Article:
(1) This passage is also found in the Tao-Te-Ching, ch.6.
(2) If these obscure sentences are rightly translated, they must be a critical note by another hand.

(A. C. Graham, The Book of Lieh-Tu, Mandala/Harper-Collins, 1991, p.18)

At first glance a reader might say that the Graham translation is more "choppy" and the Wong one "reads better". But I would like to point out that in the Graham version there is a lot more information about the text being conveyed to the reader. In effect, we learn from his presentation there is very little in the quotes that actually comes from Liezi himself. Instead, what we have is part of the Dao De Jing which has been attributed to The Book of the Yellow Emperor, plus a couple lines that seem to be some marginal notes that ended up getting included in the text through a copying mistake.

What we learn from these two pieces of information is that this text is not a complete document that came directly from a realized Daoist master, but rather a result of a collaborative process that included several people. Bits and pieces came from previous books and there are actual editing mistakes. For the modern reader this is incredibly important because it reduces the likelihood of a naive reader making a fetish out of the text.

In contrast, the Wong translation not only glosses over the fact that the text is largely quoted from the Dao De Jing, it is heavily laden with interpretation that seems to come directly from Ms. Wong's own version of Daoism. Of course, she is entitled to her understanding of Daoism; but Graham seems to be suggesting that the original text is much more terse and metaphorical than her translation would suggest.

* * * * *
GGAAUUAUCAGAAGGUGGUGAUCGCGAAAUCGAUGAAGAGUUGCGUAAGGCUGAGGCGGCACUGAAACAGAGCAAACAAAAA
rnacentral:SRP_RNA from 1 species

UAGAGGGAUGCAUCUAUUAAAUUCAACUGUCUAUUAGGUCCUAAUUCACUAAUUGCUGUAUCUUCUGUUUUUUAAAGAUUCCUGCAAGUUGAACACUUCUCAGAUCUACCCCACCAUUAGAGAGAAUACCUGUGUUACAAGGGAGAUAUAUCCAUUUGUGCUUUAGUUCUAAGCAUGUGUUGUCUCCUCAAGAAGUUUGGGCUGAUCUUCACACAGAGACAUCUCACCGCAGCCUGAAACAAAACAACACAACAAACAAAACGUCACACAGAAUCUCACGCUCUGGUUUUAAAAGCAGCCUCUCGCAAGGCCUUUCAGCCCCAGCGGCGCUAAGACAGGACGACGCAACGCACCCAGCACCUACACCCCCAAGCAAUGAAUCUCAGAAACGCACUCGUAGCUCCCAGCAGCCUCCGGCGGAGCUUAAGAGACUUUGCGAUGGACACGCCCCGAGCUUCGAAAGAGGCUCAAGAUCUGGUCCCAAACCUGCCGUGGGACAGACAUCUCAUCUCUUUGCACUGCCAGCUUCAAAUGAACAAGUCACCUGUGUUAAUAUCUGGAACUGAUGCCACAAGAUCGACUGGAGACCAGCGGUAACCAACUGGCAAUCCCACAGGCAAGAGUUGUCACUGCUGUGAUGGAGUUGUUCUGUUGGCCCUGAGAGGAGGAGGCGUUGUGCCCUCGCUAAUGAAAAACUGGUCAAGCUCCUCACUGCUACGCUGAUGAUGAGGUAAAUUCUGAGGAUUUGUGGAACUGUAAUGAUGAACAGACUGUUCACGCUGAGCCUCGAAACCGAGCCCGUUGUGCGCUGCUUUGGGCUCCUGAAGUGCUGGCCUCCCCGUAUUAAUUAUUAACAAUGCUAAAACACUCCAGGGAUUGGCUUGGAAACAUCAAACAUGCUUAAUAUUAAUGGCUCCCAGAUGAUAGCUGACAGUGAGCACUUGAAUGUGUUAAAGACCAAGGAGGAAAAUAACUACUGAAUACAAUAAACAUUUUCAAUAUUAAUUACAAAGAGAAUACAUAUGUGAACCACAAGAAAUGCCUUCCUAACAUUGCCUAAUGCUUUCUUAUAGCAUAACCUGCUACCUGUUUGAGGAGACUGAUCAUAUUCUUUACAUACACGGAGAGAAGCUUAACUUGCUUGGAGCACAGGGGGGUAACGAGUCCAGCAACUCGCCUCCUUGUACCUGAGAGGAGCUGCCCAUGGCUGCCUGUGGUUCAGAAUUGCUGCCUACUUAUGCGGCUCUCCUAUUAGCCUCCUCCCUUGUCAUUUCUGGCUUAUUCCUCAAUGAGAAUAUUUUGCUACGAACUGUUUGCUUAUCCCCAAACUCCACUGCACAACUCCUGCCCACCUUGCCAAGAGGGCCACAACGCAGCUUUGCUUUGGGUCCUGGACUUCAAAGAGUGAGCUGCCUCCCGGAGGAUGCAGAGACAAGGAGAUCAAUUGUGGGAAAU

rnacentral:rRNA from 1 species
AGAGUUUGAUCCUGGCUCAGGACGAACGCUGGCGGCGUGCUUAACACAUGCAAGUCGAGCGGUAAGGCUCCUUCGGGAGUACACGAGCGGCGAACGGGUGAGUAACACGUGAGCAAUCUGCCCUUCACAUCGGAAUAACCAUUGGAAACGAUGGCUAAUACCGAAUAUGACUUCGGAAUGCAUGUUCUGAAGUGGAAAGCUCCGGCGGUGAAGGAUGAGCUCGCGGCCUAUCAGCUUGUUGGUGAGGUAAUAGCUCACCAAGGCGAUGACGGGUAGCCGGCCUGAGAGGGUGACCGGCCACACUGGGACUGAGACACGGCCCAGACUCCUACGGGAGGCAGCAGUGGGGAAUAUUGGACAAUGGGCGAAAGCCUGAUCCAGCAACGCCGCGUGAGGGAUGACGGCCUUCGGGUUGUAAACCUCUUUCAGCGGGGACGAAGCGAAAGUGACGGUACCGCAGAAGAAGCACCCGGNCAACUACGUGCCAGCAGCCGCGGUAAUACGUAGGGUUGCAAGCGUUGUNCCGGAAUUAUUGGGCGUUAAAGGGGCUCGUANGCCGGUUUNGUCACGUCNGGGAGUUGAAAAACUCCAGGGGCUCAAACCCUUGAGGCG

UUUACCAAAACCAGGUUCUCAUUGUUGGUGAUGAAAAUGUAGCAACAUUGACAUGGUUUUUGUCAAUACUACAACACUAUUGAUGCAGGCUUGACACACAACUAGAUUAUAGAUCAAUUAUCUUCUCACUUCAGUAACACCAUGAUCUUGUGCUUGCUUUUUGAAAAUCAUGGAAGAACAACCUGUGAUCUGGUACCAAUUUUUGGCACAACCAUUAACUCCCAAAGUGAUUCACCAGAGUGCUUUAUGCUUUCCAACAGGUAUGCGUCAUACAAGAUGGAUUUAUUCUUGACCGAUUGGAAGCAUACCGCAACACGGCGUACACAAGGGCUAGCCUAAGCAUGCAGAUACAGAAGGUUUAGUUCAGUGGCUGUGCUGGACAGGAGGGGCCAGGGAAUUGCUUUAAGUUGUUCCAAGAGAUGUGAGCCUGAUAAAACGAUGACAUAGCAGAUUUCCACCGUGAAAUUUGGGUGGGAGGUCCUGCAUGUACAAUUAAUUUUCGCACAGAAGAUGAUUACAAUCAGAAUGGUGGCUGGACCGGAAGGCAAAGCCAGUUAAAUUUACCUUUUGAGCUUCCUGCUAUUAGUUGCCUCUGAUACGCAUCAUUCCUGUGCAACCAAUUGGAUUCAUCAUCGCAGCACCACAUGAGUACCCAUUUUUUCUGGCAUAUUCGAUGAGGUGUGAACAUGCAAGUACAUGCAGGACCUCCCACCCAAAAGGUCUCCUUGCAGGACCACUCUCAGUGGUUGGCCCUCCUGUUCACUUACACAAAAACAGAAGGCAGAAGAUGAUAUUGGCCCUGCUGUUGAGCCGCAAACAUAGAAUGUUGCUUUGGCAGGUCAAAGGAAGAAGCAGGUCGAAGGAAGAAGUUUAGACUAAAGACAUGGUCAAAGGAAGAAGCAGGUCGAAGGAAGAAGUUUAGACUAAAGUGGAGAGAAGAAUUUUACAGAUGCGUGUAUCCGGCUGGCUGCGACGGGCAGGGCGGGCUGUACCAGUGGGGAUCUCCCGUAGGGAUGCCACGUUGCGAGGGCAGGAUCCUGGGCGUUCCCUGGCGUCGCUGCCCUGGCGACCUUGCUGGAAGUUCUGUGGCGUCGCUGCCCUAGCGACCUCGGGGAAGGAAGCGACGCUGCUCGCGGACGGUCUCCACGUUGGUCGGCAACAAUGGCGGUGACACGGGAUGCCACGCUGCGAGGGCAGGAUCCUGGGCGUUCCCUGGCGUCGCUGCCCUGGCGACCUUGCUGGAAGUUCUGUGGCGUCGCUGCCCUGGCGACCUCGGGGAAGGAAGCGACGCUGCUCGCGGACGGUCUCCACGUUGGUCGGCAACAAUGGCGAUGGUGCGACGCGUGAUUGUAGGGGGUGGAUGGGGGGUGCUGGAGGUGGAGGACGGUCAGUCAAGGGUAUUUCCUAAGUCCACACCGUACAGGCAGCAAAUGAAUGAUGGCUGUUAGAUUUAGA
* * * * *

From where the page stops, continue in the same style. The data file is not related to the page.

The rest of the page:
People who elevate religious texts to the level of revealed WISDOM cease to see the authors as being fallible and rooted in a specific historical context. As a result, they tend to assume that every single word of the text is literally true in a way that the original audience and the authors themselves would never have. As a result, they cease to read the book "against the grain" in an attempt to find out what makes sense to them, and what does not. Fortunately, for Western Daoists this doesn't lead to fundamentalism of a sort espoused by Osama Bin Lauden or Jerry Falwell, but it does mean that they stop seeing the texts as being practical guides for the here-and-now and instead see them as some sort of "cosmic statement" about "ultimate reality".

Realized men do not want people to follow them slavishly, or to put their writings on a pedestal. Instead, they want folks to make the same sort of effort they did, and find their own particular wisdom. Reading a bad translation of an ancient text over and over again without learning anything in the process is simply one more way in which people fail to find their own spirit. It might be best to not look in books at all. But if we do, then the serious student of Daoism should be availing herself of the latest scholarly wisdom---if for no other reason than to free herself from her lingering infatuation with a specific text.